Avatar (James Cameron, 2009)

After sinking a ship and flooding the box office James Cameron went into hiding, he made two of the best sequels of all time, one of only two films about terrorism to be funny, and launched the careers of both Bill Paxton, and Lance Henriksen. So, his return to the screen with his science fiction epic, done on green screens, with eight foot tall blue cat aliens acting out the Pocahontas story was nothing if not a risk. But with the likes of Sigourney Weaver, Giovanni Ribisi and Stephen Lang giving caliber and the greatest visual effects known, Cameron managed a (forgive us) titanic feat, and bested his boat-sinking epic.

 

Caesar, Rise of the Planet of the Apes (Rupert Wyatt, 2011)

Rupert Wyatt’s origin story of the planet that needs to be damned entirely to hell does away with all previous versions make up effects (the only redeeming thing about Tim Burton’s car crash), and has Serkis giving the best performance in a film (despite reliable support from James Franco, David Oyelowo, Tyler Labine, John Lithgow, Frieda Pinto, and Brian Cox) in a role that raised the question of should a motion capture performance be Oscar nominated? The answer, clearly, is yes, because there is something truly human about Caesar and it’s all from Serkis commitment.

 

Hulk, Avengers Assemble (Joss Whedon, 2012)

The first film involving the un-jolly green giant to use that great tech to make the monster something resembling a man. While Ang Lee’s was just angry Shrek, and Louis Leterrier’s was somewhat strange and zombie like, this one looks like Ruffalo and Whedon manages to make him have a personality and a life of his own. The effect and the performance of Ruffalo make the character one of the fan favorites and one of the funniest team members.

 

Smaug, The Hobbit: The Desolation of Smaug & The Battle of the Five Armies (Peter Jackson, 2013/2014)

Everyone loves Dragons. Harry Potter had dragons, Kheleesi is always banging on about her dragons. Dragons are cinematic and cool. So, given the big part Tolkien’s fable of dwarves and hobbits has an important section about a big scaly beast and his castle of gold. Benedict Cumberbatch performed movements for Smaug and his face was used in a Gollum-like fashion to craft a great screen dragon, and his voice is as deep and resonant as you would hope.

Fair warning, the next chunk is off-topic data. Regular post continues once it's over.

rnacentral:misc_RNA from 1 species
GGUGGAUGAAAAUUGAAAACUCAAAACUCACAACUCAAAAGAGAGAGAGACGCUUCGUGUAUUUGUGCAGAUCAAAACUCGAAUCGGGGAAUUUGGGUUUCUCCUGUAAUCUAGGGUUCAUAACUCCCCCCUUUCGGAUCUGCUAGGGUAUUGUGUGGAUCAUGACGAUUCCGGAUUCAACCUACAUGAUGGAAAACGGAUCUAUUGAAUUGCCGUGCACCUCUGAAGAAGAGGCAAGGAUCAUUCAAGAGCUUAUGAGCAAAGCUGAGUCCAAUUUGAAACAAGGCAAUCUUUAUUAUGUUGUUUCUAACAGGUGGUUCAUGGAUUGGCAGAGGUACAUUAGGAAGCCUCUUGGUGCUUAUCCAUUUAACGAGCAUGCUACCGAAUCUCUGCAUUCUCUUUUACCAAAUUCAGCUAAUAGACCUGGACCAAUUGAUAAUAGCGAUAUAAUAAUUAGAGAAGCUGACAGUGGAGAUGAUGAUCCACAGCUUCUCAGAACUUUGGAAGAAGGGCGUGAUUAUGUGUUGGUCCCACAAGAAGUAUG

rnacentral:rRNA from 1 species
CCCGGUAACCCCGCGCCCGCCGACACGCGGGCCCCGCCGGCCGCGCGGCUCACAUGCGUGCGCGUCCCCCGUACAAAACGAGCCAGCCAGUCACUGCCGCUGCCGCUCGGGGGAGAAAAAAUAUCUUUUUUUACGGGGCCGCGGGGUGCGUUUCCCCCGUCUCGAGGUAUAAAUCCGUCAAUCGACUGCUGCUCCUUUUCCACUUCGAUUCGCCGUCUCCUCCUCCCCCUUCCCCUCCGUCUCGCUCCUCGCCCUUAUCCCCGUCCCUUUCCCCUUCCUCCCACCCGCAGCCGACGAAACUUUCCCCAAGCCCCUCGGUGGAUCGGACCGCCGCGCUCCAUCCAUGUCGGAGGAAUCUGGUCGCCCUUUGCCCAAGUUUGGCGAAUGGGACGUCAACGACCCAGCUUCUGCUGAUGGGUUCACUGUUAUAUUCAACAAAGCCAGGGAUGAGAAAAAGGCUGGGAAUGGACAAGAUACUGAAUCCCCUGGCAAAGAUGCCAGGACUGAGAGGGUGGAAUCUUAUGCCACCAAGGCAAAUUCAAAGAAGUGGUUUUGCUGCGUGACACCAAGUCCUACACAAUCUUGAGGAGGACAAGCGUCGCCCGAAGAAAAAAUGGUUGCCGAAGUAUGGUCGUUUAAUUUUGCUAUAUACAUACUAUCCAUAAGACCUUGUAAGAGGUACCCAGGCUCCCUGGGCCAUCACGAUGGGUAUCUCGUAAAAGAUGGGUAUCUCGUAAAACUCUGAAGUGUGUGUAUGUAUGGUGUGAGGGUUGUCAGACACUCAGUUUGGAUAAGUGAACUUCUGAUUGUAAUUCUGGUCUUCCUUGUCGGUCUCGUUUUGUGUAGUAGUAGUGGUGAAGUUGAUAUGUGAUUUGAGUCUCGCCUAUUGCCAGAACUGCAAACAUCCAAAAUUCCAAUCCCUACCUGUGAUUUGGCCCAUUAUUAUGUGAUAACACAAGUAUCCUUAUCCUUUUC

Groot & Rocket, Guardians of the Galaxy (James Gunn, 2014)

On set Gunn’s brother Sean (who has a supporting role in the film) stood in for tiny raccoon Rocket, while there was no tree on set. But, using Sean Gunn, and scans of Vin Diesel’s face for Groot, both characters became the best of the film and the ones people loved the most. Despite the use of practical effects and make up (Karen Gillen, Michael Rooker, Zoe Saldana, Dave Bautista and Lee Pace all get colored up) the visual effects are all subservient to the narrative, and the voices, and motion capture work adds to the film.

 

Caesar, Koba and the apes, Dawn of the Planet of the Apes (Matt Reeves, 2014)

Taking the film seriously, and the roles seriously, Serkis along with Judy Greer, Toby Kebbell and others give nuanced performances, despite it being all about monkeys fighting humans… and monkeys. Searches really is the MVP of the film, giving the film an entirely interesting angle like a political thriller first, and a science fiction action movie second. The third film is coming to us, and if this is time for Serkis to be given the much deserved Oscar nomination (and win?) that he has deserved for fifteen years.

 

Hulk & Ultron, Avengers: Age of Ultron (Joss Whedon, 2015)

Despite a non-mo-cap role from Serkis (his one scene is one of the best of the film), Whedon does try his best to up his ground breaking feat of making the Hulk a real person, but having him interact more, carry emotional weight, interact with on set humans and look even more real. Alongside him is James Spader’s Ultron, made menacing by Spader’s physical performance, as Shakespearean as you would expect from The Blacklist actor and one of Marvel’s better movie villains. Stories of Elizabeth Olsen being mesmerised by Spader’s performance and forgetting his silly get up and the large red balls (to indicate Ultron’s eyes) make for an even better take on the motion capture use.

 

Maz Kanata & Supreme Leader Snoke, Star Wars: Episode VII – The Force Awakens (J.J. Abrams 2015)

We begin and end with Star Wars, last years most enjoyable film featured two great motion captured characters. One, Lupita Nyong’o’s world weary Maz Kanata, owner of a certain blue weapon was the stuff of kids dreams, like a cousin of Yoda, she feels like a real person and Nyong’o does a great job with movement and with voicing that you forget it’s that girl from 12 Years A Slave, here’s to her coming back. At the other end is Serkis again as big baddie Snoke, a strange Voldemort looking creature, again making use of Serkis’ amazingly rich voice and posing interesting questions about what or who he is, but both providing the best uses of the motion capture form that film has done so far.

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Paul Klein, a film studies graduate from London.